Are We a Village?
By Janis Effner, Former Educator and Professional Services Director at McGraw Hill
Educators work together for the common good. Seeing the needs of students day after day, they understand they must come together to help students survive and thrive. Educators have felt this. We have lived it.
Educators have always done more than asked, but now doing more is a must in to order provide the best for our students. We have districts with no bus service and limited school staff. There are classes without teachers and everyone is overworked.
Despite these obstacles, students need us to make our current circumstances work, and work well. What good reason can we give a student for less than our best? Is there a circumstance that allows for mediocre school years? How can we close gaps and accelerate learning?
It is going to take ALL of us working together to make the impossible happen.
There is nothing more important than ensuring learning for all students while at school. It doesn’t matter if a student is behind, on-level, or ahead — they need to be learning and growing daily. Every student matters.
How can educators make this happen with all the challenges that face us? They can value the strengths of those in their school community and let each person use their gifts to build up students and their growth this year.
What do you have to offer your campus?
Can you put together a math club to help students increase their skills? Are you an early bird who is awake enough to offer morning tutoring to students who are dropped off early by working parents? Can you drive a bus? Can you help mentor new teachers? Could you oversee hospitality and make sure all school staff feels appreciated?
You have a specific gift you can use this year to help students. More than likely you are already giving your all, but is there something you can do, for thirty minutes a few times a week that could change the lives of students on your campus? To have a successful semester it will take everyone working together and putting students first.
Success this year will take a village that has a common focus on student learning and growth. Be that campus.
Honor Each Other
Honoring each other every single day is a must to be a functioning, blossoming community. Deciding you will only get along with those who think and act like you is unrealistic and it devalues the idea of a village. Who put out the idea that we must all be the same? Let’s honor our differences and focus on students.
I have three children and they are each so incredibly different. I love and adore them but I can honestly say they have all said and done things that have made me literally have to walk away and calm down before I speak. Ever been there? “I love my children. I want my children in my life. I must be nice to my children,” I quietly repeat to myself before approaching them with something constructive to say. Why do I work so hard to communicate and honor our differences? Because I love them and therefore, I choose to understand and accept. This can be so hard. Especially when my words of wisdom aren’t received as such. But I choose to honor our differences for the benefit of our family.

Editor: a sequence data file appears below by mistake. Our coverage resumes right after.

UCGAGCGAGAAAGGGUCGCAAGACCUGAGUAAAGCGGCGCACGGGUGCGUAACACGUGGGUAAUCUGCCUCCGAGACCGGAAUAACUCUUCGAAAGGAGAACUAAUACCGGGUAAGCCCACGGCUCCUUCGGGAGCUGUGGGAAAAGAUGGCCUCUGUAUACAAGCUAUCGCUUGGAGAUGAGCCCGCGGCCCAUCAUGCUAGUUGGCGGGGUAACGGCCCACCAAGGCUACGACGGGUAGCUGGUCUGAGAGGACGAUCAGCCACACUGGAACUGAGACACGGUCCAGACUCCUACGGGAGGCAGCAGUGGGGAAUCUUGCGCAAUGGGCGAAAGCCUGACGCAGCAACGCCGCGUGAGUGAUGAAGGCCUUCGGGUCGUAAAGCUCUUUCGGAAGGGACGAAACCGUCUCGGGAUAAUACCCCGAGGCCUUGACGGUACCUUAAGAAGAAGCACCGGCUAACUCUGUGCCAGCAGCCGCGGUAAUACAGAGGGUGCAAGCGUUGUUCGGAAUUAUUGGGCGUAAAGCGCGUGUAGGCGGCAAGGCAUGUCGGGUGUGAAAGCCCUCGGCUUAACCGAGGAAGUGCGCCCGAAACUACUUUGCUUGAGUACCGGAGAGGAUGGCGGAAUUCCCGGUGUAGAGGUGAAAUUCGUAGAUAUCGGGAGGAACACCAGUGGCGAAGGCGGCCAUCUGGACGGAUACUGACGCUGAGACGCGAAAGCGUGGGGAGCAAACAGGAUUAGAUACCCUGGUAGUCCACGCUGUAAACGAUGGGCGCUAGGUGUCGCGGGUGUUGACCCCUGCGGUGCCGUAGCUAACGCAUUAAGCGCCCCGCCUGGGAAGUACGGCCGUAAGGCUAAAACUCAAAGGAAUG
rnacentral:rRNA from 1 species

Are you honoring the differences in your school family? You are a family. Think of those you see every day, in the best and worst of times, those who you must walk away from for a little while and maybe don’t see your brilliance quite like you do. What can you do to honor the people in your school community? Is there one small step you can make for the benefit of your students? Honor those in your village. It’s all for our students. Be that campus.
Go and Learn
A village is a self-contained district or community of people that have specific characteristics of their village life. You are part of a village that is special and different from other communities around you. Celebrate what makes you unique and then go. Although it is nice to be in the comfort of your community, I encourage you to branch out and meet people from different communities this year.
When is the last time you went out to other schools and learned from those who are unlike you?
We have so much to learn from each other. Take time this year to meet with administrators, teachers, and students from other districts. Make getting together a part of your school plans. Include students in this experience. Can you have students from another district Zoom into your debate class and join in your discussions? How can students share learning with those outside of their community? Is it possible to meet teachers from other districts to discuss teaching ideas and thoughts?
There is value in gathering together. You will learn skills and ways of thinking that will benefit you and your students. There’s no stronger way to make your students feel part of a community than going out together to meet with others. Don’t be an isolated village, reach out and learn from others. Be that campus.
Be a We
Teachers, you need each other. This year as you work to enrich the lives of those around you don’t do it alone. Lean on each other. Talk and laugh and cry. Do whatever it takes to make it through the tough days. Make sure you don’t isolate yourself from your school community. It’s not about you alone. Be an active part of your village, be a ‘we’. Together we can.
Janis Effner is the professional services director at McGraw Hill. She was a Secondary classroom teacher and reading specialist for over 10 years. Janis is a powerful media and communication professional with a Principal Certification focused on Secondary School Administration/Principalship from Schreiner University. She lives in the beautiful state of Alaska.